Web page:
An allergic reaction is your bodyâ€™s reaction to a substance that is normally harmless. A substance that triggers your allergy is called an allergen. Allergens can include foods, insect stings or bites, medicines, chemicals, pollen, dust, pet dander, smoke, or other things in your environment.
Symptoms of an allergic reaction usually start within minutes to an hour or two after contact with the allergen. Allergic reactions can be mild or more severe. A severe allergic reaction can be life threatening. You may have severe swelling of the lips, tongue, or throat; itching; skin rash; hives; or trouble breathing. Your blood vessels may leak fluid into the area around them. This can make your blood pressure drop suddenly and cause you to go into shock. The medical term for a severe allergic reaction is anaphylaxis.
What can I expect in the hospital?
Several things may be done while you are in the hospital to monitor, test, and treat your condition. They include:
You will be checked often by the hospital staff.
Your heart rate, blood pressure, and temperature will be checked regularly.
Your blood oxygen level will be monitored by a sensor that is attached to your finger or earlobe.
Testing may include:
Arterial blood gas (ABG): A blood test to measure the levels of oxygen and carbon dioxide in your blood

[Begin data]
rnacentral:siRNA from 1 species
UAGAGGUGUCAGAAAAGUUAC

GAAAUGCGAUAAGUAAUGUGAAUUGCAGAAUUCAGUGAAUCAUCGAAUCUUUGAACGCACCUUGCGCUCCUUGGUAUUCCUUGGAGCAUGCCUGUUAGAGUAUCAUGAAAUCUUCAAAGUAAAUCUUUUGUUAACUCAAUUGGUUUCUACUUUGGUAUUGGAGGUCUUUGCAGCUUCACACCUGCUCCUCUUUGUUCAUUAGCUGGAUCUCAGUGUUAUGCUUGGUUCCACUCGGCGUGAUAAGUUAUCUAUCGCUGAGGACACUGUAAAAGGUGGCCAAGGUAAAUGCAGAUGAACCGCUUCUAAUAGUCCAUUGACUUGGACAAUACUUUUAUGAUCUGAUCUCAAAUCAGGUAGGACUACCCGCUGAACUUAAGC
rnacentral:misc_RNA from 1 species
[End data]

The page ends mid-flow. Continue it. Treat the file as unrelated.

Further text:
Blood or skin tests to check for things you are allergic to
Blood, urine, or other tests to monitor how well your organs are functioning
X-rays: Pictures of the inside of your lungs to check for fluid
The treatment for a severe allergic reaction depends on the cause, your symptoms, how well you respond to treatment, your overall health, and any complications you may have.
You will have a small tube (IV catheter) inserted into a vein in your hand or arm. This will allow medicine to be given directly into your blood and to give you fluids, if needed.
You may receive oxygen through a small tube placed under your nose or through a mask placed over your face. In very severe cases, you may need a tube put into your windpipe to help you breathe.
Your provider may prescribe medicine to:
Help relax your airways
Reduce swelling in the airways
Reduce your bodyâ€™s response to the allergen
What can I do to help?
You will need to tell your healthcare team if you have new or worsening:
Drooling or trouble swallowing
Coughing with chest tightness
Skin rash or hives
Ask questions about any medicine, treatment, or information that you do not understand.
How long will I be in the hospital?
How long you stay in the hospital depends on many factors. The average amount of time to stay in the hospital with a severe allergic reaction is 2 to 3 days.
Developed by RelayHealth.
Acute Care Advisor 2015.1 published by RelayHealth. Last modified: 2014-04-30 Last reviewed: 2014-04-10
This content is reviewed periodically and is subject to change as new health information becomes available. The information is intended to inform and educate and is not a replacement for medical evaluation, advice, diagnosis or treatment by a healthcare professional.
Marx, J., & Hockberger, R. (2014). Allergy, Hypersensitivity, Angioedema, and Anaphylaxis. Emergency Medicine Concepts and Clinical Practice (8th ed.)London: Elsevier Health Sciences.
US Department of Health & Human Services. (2011) National and regional estimates on hospital use for all patients from the HCUP nationwide inpatient sample. Agency for healthcare research and quality website. Retrieved 04/09/2014 from http://hcupnet.ahrq.gov/HCUPnet.jsp